Meanwhile, industry consolidation could possibly eliminate or lead to delisting for the weaker firms such as, Perennial Real Estate Holdings and LCT Holdings in 2020. This year, Fragrance group limit also has an offer to bring the company private as well. This might in turn leave a larger piece of the pie for the investors to select the remaining firms with the fundamental strength to ride through the storm. After the pandemic, the real-estate sector is expected to recover strongly. As the sector contributes more than 20% to the STI, this makes it another good proxy for the index.
Below is a breakdown by sector of the STI, based on the STI ETF (ES3), which tracks the index by component and exposure.
To wrap it up
The Singapore market does not normally excite investors, as can be seen in more news coverage given to overseas markets such as the US tech sector.
However, it still has sectors that could provide a strong foundation for a diversified portfolio for Singapore investors.
For those of you who prefer not to manage individual stocks, there are ETFs that track the STI’s performance. There are also unit trusts which invest in dividend-yielding stocks in the Singapore market that you can consider.
Chat with your trading representative or financial advisor today to find out more.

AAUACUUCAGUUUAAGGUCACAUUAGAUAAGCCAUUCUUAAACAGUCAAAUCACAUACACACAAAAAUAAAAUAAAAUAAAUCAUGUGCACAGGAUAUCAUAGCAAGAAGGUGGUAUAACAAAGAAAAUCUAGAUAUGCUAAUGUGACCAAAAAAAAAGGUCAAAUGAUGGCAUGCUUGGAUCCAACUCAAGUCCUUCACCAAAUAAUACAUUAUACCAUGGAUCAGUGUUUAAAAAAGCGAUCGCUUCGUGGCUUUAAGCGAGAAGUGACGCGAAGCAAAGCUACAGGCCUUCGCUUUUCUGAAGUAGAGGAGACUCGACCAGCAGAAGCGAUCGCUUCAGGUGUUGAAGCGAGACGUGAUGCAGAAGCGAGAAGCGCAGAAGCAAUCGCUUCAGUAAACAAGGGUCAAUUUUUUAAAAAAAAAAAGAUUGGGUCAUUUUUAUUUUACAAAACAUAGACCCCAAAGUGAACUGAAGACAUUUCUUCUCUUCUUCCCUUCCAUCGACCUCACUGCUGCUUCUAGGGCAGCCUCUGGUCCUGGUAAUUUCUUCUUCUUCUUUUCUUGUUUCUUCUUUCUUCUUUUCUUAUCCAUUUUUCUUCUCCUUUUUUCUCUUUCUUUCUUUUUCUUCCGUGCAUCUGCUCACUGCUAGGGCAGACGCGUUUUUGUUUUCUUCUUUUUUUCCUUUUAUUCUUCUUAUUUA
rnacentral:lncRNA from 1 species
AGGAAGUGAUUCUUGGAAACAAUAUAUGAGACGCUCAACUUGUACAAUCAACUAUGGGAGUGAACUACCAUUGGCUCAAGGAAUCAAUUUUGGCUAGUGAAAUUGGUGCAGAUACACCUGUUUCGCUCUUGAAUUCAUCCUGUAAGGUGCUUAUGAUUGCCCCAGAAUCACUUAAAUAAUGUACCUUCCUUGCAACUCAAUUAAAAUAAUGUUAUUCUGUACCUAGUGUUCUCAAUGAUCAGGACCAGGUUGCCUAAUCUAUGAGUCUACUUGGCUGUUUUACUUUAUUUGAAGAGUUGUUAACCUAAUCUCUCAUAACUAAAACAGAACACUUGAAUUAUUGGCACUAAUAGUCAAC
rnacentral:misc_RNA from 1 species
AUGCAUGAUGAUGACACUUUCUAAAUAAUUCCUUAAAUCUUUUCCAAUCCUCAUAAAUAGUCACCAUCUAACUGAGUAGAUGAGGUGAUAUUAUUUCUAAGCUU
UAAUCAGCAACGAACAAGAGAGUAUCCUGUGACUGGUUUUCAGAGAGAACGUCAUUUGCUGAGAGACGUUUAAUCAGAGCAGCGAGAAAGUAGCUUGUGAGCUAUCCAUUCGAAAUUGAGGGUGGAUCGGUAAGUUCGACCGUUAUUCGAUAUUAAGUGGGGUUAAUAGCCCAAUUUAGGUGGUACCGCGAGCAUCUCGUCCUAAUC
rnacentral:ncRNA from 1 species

|CapitaLand (C31)||Equity||Real estate|
|STI ETF (ES3)||Equity (ETF)||Straits Times Index|
|Lion-Phillip S-REIT ETF (CLR)||Equity (ETF)||S-REITs|
|Nikko AM Shenton Horizon Singapore Dividend Equity Fund (S$)||Unit trust||Dividend stocks, primarily in Singapore|
|Phillip Singapore Real Estate Income Fund||Unit trust||S-REITs|
We wish Singapore a Happy Birthday!
About the author
Teo Huan Zi
Branch Manager, Phillip Investor Centres
Teo Huan Zi graduated from Nanyang Technological University (NTU) in 2014 with a bachelor’s degree in Business, majoring in Banking and Finance. Having been with Phillip Securities since 2015, he currently manages a portfolio of over 10,000 trading accounts as a Branch Manager. Prior to his current role, Huan Zi was also a senior equity specialist and senior investment specialist in the company. He also frequently conducts seminars and webinars to empower his clients with financial and investment knowledge such as fundamental analysis and technical analysis.
He regularly contributes and features in different media platforms such as 958 radio and provides market commentary for various newspaper like LianHeZaoBao (联合早报), The Edge, and Business Times.